Bertin commits to Amazon cattle moratorium4 September 2009
One of the world's largest leather suppliers, and Brazil's second-largest beef exporter have backed Greenpeace's call for a moratorium on the purchase of cattle from farms involved in new deforestation in the Amazon with immediate effect. Tough new sourcing policies from Clarks and others said to be instrumental in decision.
Bertin's announcement follows tough new policy statements from shoe retailers such as Clarks, Nike, Timberland, Geox and Adidas, in response to a Greenpeace report entitled ‘Slaughtering the Amazon', which was released in June.
The report traced leather, beef and other cattle products from ranches involved in the destruction of the Amazon Rainforest back to top brands' supply chains.
The cattle giant now joins Marfrig, the fourth-largest producer of beef and beef products in the world, which adopted a similar commitment in July.
‘Bertin's decision should pave the way for the modernisation of the Brazilian cattle industry', said Sarah Shoraka, Greenpeace forests campaigner.
‘Given the sheer size of both Bertin and Marfrig's operations, this commitment will have real impact on driving down Amazon deforestation and greenhouse gas emissions. Greenpeace will closely monitor the moratorium's implementation to ensure its success', said Shoraka.
In the next 180 days, Bertin will register and map all fattening farms, which supply cattle directly to the company. For the rest of the supply chain, including rearing and nursery farms, Bertin believes that it will require two-years to implement a traceability system from farms to its slaughterhouses and processing facilities.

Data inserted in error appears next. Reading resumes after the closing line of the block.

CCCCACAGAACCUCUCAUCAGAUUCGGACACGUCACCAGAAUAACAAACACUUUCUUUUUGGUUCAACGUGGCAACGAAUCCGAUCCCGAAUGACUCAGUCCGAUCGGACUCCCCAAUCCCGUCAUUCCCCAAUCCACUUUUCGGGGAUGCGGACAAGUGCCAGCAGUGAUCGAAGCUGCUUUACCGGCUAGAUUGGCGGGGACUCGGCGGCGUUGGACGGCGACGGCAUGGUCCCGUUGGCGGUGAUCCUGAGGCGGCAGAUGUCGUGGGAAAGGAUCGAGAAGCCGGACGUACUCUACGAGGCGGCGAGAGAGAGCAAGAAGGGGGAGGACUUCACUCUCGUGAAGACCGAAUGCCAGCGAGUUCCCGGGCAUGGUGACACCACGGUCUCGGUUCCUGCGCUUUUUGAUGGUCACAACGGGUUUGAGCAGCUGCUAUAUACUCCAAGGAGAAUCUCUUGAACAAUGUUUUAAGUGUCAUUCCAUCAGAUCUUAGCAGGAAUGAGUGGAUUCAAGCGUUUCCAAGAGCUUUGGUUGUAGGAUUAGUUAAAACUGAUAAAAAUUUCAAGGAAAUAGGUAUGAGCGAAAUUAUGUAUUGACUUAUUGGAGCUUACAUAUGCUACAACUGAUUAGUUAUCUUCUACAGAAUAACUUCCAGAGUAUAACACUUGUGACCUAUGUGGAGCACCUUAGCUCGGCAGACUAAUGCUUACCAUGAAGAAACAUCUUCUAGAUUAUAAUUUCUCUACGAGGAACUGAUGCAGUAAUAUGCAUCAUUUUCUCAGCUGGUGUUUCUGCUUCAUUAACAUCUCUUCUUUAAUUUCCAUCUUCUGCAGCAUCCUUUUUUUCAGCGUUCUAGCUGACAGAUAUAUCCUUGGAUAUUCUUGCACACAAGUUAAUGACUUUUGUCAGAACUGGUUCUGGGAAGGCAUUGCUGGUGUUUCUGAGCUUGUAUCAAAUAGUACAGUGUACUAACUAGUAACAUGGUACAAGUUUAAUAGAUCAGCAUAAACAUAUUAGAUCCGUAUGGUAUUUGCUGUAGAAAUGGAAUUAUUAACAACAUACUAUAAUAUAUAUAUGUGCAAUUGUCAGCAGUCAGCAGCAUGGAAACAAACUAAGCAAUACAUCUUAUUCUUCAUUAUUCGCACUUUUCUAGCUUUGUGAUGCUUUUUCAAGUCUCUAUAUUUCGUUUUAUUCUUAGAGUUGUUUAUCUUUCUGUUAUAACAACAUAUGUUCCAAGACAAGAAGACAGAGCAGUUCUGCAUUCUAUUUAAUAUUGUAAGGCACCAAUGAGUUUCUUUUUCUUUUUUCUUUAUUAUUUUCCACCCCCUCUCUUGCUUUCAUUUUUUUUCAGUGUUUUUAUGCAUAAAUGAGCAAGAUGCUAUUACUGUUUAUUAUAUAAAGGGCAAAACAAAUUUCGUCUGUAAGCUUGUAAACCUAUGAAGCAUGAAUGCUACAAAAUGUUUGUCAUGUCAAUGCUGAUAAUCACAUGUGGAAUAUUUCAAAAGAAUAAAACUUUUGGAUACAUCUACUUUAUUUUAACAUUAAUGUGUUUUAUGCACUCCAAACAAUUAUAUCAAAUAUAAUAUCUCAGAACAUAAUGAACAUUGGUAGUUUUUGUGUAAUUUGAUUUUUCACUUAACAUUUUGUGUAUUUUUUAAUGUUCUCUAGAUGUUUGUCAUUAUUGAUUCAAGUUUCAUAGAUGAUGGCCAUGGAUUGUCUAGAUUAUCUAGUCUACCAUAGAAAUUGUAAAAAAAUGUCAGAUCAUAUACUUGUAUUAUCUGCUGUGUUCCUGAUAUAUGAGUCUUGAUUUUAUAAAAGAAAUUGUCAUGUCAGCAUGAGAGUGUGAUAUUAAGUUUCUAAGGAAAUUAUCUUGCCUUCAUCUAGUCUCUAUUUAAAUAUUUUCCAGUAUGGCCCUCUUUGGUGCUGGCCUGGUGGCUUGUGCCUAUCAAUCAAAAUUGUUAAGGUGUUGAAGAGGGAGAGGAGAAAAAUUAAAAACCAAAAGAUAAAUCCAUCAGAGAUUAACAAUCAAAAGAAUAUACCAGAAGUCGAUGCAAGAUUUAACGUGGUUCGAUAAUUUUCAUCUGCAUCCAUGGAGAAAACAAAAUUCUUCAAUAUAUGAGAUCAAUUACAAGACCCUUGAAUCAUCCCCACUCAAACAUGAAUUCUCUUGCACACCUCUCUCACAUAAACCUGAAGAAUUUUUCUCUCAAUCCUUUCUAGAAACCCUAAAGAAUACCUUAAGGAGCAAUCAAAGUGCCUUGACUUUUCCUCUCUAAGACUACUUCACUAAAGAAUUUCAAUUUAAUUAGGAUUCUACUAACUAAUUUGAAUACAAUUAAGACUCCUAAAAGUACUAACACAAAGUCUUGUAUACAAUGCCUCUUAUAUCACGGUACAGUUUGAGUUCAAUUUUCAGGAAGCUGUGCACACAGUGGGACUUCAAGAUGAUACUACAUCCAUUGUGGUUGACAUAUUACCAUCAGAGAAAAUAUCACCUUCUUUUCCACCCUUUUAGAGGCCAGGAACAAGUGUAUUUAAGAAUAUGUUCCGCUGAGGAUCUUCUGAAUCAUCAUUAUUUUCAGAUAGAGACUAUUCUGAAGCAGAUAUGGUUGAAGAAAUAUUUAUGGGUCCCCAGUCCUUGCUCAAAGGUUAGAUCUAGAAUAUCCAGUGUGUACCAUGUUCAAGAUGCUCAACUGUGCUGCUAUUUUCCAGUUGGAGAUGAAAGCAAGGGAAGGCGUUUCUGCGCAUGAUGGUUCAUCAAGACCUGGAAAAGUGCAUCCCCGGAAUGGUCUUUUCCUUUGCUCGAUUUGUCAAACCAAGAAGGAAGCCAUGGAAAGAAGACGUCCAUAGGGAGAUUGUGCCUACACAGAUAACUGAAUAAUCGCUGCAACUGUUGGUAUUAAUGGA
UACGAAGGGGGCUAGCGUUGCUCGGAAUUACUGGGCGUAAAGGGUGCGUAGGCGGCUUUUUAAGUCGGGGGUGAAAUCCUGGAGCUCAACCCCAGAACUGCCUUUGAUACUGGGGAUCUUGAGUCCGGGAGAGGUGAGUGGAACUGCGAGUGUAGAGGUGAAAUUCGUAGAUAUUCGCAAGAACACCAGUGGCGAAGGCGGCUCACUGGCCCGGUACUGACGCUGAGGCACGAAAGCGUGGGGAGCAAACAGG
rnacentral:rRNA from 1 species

The company will also ensure it is not buying cattle from indigenous and protected areas or from farms linked to slave labour, land conflicts and land grabbing.
Marfrig and Bertin's commitment to end Amazon deforestation just leaves Brazilian JBS-Friboi, the world's largest producer and global exporter of processed beef. According to Greenpeace, JBS-Friboi is staying silent on the issue and is expanding into the Amazon having rented several new facilities north of Mato Grosso State, an area that has the greatest rate of cattle ranching expansion and deforestation in the Amazon.
‘JBS-Friboi must accept its responsibilities and stop fuelling Amazon destruction. It needs to join these companies in protecting the rainforest now,' said Shoraka.
Brazil's entire cattle sector urgently needs to follow the soya industry's example and commit to a moratorium on expansion into newly deforested areas. Both the federal and state governments must ensure this is possible by mapping, registering and monitoring rural properties, helping the private sector to fulfill its corporate liabilities. Cattle ranching is a driver of Amazon rainforest destruction and contributes to making Brazil the fourth largest climate polluter in the world.
Fernando Bertin, ceo of Bertin said: ‘Environmental responsibility is increasingly relevant for a company like ours to maintain and enhance its position in Brazil and abroad. Today, we are making a fundamental step.'